I intend to write more about this in the introduction to the upcoming Summer 2017 issue of Into the Ruins, but in the meantime, I want to hear from you readers. What grounds you? In this time of decline, what helps keep you measured and sane and provides you respite from the many troubles bearing down on us (not to mention already arriving)? What puts your mind in order when it risks spiraling off down too-dark paths?
As usual, I’m hoping for some thoughts that are printable as letters to the editor, though I welcome all comments regardless of if you want them considered for publication. You can respond as a comment to this post or directly to me via email. If you don’t want your comments to be considered for publication as a letter to the editor, please say so. And if you email, please include your location in the form of city and state; you can do so in the comments, as well, or I’ll work to get in touch with you for that information if I want to publish your comments in the magazine.
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4 thoughts on “Staying Grounded in Upheaval”
I have become more grounded by turning away from what used to be an obsession: reading about, tracking, and studying our various predicaments (to use your words). Only intermittently do I now tune in to media accounts of “the news” and even then, only via brief visits to a handful of alternative media sites that have earned my trust. By focusing on bigger pictures, the narratives or myths that frame the information fed to us and drive what’s left of our civilization ever-closer to the cliff edge, I refuse to let the trees distract my attention from the forest, the natural world apart from “humans and (their) myriad artifacts,” so evocatively described in your article. Simultaneously, I focus on another bigger picture, one which puts the natural world into even larger context. This is the spiritual journey which, I am thankful, remains a live option for me, although it has understandably become a dead end for many others. The centerpiece of that journey is an unorthodox devotion to the “historical Jesus” and his radical message about the kingdom of god, a myth starkly juxtaposed to those that pervade and permeate our sick society and ecocidal world order. For me, these bigger pictures come together in a universal, elemental value that I struggle to embody and which sustains me, what Schweitzer called “reverence for life.”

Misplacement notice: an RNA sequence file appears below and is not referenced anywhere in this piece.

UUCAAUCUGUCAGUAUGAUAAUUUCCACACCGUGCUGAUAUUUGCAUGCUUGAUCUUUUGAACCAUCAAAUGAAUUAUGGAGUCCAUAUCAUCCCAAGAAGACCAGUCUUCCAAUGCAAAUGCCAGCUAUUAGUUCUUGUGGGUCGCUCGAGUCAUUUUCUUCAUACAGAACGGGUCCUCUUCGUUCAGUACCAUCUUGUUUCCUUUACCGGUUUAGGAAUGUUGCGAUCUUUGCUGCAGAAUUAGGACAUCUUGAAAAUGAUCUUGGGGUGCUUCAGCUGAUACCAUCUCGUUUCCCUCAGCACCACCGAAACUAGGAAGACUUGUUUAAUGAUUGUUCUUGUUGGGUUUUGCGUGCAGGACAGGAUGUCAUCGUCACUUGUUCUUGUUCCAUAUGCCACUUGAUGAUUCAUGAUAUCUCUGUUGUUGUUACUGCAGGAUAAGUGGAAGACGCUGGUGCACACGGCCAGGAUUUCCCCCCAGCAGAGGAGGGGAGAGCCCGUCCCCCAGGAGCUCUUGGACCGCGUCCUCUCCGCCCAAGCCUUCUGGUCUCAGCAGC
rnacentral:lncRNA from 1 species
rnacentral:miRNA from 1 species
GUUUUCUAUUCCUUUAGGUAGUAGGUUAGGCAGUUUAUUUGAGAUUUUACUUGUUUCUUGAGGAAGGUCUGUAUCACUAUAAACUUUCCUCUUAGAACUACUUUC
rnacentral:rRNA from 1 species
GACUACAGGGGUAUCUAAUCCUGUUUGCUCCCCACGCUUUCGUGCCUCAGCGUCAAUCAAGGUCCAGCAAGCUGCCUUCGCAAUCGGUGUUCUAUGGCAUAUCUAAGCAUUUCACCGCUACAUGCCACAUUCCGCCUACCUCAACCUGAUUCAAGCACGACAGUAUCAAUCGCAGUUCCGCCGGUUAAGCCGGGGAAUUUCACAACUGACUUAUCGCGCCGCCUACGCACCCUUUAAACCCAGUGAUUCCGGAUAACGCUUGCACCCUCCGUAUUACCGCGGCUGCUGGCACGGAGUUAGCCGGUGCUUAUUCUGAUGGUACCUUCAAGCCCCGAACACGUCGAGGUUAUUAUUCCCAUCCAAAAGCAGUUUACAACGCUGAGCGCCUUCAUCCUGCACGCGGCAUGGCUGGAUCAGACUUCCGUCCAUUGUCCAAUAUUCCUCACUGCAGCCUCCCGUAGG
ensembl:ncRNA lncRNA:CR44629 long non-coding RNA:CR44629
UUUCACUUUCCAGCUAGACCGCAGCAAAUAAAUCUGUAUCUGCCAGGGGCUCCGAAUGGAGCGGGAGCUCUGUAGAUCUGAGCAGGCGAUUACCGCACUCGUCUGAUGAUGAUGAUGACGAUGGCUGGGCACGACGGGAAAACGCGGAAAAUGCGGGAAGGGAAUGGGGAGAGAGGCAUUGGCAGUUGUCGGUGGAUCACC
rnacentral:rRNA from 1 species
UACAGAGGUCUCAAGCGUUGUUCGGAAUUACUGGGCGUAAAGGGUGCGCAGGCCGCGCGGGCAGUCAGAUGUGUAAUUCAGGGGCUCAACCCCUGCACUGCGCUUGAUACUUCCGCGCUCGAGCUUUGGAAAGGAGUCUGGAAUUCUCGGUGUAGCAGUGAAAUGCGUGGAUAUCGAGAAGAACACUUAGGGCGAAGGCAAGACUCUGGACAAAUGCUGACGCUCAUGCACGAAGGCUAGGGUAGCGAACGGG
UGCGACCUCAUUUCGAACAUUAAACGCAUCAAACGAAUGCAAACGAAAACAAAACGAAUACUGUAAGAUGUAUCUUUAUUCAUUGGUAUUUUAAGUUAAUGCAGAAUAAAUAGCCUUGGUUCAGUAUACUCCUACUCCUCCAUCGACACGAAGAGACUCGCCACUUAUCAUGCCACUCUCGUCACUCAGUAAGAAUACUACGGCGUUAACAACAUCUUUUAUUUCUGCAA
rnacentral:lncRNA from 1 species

Wonderful, Newton! Thank you for this comment. I agree–removing oneself from much of the news of collapse is a very good option, and I continue to have an internal debate with myself as to where a healthy level lies. After a few days back out on the rural coast and then a few more days in the forest, camping, it feels as though less is more. I likely will be writing more about that soon.
Thanks again for your thoughts. I would be very interested in hearing more about your spiritual journey, as well!
I use daily meditation and Heartmath breathing as techniques to help me stay grounded and calm. Practicing forgiveness of myself, others, and events has helped a lot a well. Also, as I work in my garden and walk around my community, I enjoy observing the activity of insects on the flowers. I’ve reconciled to the fact that our ‘civilization’ will pass away at some point, but remain curious and fascinated by the details. An ecologist by training, I’m inspired by the web of life and cycles.
Thank you, Stephen! Also an excellent comment. I have a number of fond memories of stopping to watch insects on flowers. I remember, in particular, a time out in my old garden on the coast, being taken by the impressive diversity of small insects and pollinators–a few honey bees, but most of them not–swarming over flowering brassicas. Very inspiring!